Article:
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Waiting Out Winter Paperback – August 2, 2013
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About the Author
Kelli Owen was a reviewer for fifteen years and editor of some of the biggest names in the genre for over ten. She has been to countless conventions, participated on dozens of panels, and spoken at CIA headquarters in Langley regarding her writing. And they still don't know what genre to put her in...
She's not a horror writer in the traditional sense, but no one knows exactly how to categorize her. Rather than throwing blood at the page, she prefers to let it soak in slowly. Creepy, moody, atmospheric, and quiet are her favorite way of getting under your skin. And she will. With a smile.
If you enjoy Kelli's work, please consider becoming a patron at patreon.com/kelliowen & get exclusive behind the scenes info, notes, etc. on Kelli's fiction.
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Waiting Out Winter is a short novella so I can't really say a lot without spoiling the plot. A group of guys come back from some bonding time in the woods only to find civilization has pretty much collapsed and the cause is flies.
The story deals with the isolation and the feeling of hopelessness one would I imagine feel if society as we know it vanished. There are no square jawed prepper heroes in this novel who magically have exactly what they need to survive, just a man and his family trying to make do with the odds and ends in his house.
This story is bleak, depressing which I imagine an apocalypse would be like. Yet it still has a glimmer of hope and I felt strangely uplifted at the end, yet it's not a true happy love conquers all ending.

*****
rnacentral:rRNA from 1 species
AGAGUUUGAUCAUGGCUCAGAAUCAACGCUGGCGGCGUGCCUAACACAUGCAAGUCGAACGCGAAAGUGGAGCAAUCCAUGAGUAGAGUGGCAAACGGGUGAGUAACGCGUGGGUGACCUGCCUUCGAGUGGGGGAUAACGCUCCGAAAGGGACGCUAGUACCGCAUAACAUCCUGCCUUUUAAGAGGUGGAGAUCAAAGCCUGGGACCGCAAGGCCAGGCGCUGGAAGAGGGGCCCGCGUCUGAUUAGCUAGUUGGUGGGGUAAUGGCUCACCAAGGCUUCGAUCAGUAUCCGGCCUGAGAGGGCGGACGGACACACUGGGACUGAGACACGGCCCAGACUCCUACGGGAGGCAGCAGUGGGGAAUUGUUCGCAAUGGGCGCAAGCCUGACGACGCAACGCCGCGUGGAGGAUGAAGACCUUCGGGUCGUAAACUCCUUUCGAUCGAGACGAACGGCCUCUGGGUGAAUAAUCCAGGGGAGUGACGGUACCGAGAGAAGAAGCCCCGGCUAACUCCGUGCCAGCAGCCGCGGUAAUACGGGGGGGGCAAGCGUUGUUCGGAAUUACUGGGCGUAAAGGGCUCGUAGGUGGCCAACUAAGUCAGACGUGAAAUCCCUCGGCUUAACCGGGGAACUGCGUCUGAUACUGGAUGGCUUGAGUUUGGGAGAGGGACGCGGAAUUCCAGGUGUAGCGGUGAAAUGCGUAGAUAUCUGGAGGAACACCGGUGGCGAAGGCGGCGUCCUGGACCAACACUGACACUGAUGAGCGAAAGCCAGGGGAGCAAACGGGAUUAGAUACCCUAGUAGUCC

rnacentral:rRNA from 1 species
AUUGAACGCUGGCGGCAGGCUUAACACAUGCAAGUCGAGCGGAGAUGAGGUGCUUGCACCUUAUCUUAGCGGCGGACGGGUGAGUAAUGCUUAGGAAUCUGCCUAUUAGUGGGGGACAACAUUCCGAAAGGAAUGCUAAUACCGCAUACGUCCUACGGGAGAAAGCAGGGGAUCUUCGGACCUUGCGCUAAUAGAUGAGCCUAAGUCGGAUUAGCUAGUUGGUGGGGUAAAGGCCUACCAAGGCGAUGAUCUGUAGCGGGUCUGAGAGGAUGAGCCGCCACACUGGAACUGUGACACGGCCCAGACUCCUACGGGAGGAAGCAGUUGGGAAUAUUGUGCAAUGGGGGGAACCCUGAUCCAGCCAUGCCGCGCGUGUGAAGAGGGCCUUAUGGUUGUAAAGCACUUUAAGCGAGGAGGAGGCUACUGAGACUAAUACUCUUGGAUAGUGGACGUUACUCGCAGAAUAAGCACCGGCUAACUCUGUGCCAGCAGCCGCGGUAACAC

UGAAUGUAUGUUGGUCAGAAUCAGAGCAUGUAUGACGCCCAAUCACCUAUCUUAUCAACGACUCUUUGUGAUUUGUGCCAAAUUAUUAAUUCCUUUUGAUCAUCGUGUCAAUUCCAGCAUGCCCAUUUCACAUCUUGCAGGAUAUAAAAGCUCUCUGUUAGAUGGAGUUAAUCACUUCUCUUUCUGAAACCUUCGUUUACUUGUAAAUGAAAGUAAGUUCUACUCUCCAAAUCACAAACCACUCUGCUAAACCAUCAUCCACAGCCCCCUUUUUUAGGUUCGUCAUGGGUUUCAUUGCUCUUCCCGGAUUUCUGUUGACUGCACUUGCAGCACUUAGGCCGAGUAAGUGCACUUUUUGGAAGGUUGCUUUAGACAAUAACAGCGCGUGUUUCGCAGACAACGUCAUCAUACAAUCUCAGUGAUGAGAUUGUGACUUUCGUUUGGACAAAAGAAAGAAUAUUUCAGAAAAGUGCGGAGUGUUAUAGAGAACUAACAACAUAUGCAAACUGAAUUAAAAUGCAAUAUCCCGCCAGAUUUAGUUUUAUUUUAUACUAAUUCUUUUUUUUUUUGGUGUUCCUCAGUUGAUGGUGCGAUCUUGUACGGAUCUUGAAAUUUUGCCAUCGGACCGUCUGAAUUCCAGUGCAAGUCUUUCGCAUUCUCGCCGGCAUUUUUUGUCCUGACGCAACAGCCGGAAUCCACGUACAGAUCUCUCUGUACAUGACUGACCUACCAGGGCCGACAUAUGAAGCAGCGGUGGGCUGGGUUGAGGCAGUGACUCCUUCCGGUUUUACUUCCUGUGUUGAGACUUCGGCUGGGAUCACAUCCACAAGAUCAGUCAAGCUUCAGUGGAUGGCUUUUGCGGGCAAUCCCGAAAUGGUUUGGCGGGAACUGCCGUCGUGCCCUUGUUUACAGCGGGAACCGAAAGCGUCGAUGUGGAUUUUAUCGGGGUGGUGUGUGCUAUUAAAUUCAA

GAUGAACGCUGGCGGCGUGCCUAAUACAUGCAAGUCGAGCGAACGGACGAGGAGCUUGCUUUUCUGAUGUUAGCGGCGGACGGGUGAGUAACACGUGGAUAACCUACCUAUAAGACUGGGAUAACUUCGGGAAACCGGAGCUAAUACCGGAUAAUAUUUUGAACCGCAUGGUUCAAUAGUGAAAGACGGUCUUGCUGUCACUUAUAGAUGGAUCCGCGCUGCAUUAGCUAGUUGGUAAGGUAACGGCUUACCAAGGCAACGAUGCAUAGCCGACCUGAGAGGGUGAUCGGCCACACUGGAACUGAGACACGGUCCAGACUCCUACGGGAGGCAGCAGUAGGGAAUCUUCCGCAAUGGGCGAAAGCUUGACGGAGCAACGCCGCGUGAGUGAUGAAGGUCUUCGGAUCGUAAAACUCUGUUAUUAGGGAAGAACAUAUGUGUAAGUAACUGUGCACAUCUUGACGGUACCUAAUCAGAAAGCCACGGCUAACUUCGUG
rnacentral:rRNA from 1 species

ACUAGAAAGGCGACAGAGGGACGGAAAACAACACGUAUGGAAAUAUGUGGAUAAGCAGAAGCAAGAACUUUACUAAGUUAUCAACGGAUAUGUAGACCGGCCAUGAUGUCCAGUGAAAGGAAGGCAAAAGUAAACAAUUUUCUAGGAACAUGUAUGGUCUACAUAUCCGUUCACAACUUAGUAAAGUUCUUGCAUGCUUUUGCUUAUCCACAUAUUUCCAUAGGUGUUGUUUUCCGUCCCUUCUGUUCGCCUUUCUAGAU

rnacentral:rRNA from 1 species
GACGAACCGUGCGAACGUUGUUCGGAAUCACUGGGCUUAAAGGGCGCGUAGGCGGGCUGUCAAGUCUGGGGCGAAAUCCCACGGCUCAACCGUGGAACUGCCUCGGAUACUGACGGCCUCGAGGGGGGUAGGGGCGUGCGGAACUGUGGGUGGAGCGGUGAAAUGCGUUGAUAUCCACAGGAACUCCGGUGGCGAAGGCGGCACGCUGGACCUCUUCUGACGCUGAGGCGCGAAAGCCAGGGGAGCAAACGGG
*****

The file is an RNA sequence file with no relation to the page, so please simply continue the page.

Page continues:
My only criticism is there are perhaps a few too many characters for a novella and I had to go back and re read who was who but overall a damned good read and I finally have a new author that I can plow through her back catalogue of writing.
Buy it, you won't be disappointed
My only complaints are that it felt uneven. The beginning seemed like the opening to a novel and the setup towards isolation made a ton of sense. Then it felt like the story was trying to quickly reach a certain point, which I cannot mention because of spoilers, which had an emotional impact, and then it tapered off into ideas that were glossed over and then the end came abruptly.
I guess what I'm trying to say is that this shouldn't have been a novella. There were enough ideas and directions in which this could have been made into a full fledged novel. It was certainly well written and deserves a better, much longer treatment
Upon returning from their last hunting trip of the season, Nick and his friends discover their hometown and beyond has been deluged by flies. Streets are empty and windows are boarded up. It's only when Nick gets home and sees it too is barricaded that his wife and family tell him about the apocalyptic overrun of flies. That might not be so bad, you might say, if you've ever been in a region that's suffered an infestation of one type of insect or another. But these flies are genetically modified, turned aggressive and infected with a virulent strain of disease that is killing anyone who gets bitten. Originally devised as a way to thwart a nuisance bug problem, these flies have gone beyond their original design and turned a small town into a wasteland.
The paranoia of being bitten and trying to keep the flies out is bad enough, but couple that with the claustrophobic conditions and dwindling resources inside the house and Nick's family unit begins to erode. Oh, and throw in some wildlife roaming the streets for good measure. Bleak is a generous word to describe this town's chances.
While there were periodical jumps in the time line, with weeks being rocketed over with a mere paragraph that I felt a bit jarring, the pace of the book along with the intense conflict Nick has between protecting his family and retaining his sanity worked really well. I also managed to develop a brief aversion to house flies after reading this chiller of a novella. Kelli has a real knack for giving small towns a bit of an epic vibe with the torment she puts her characters through, not unlike her turn with The Neighborhood, which I reviewed earlier this year.
It's creepy, it's crawly, it's a keeper.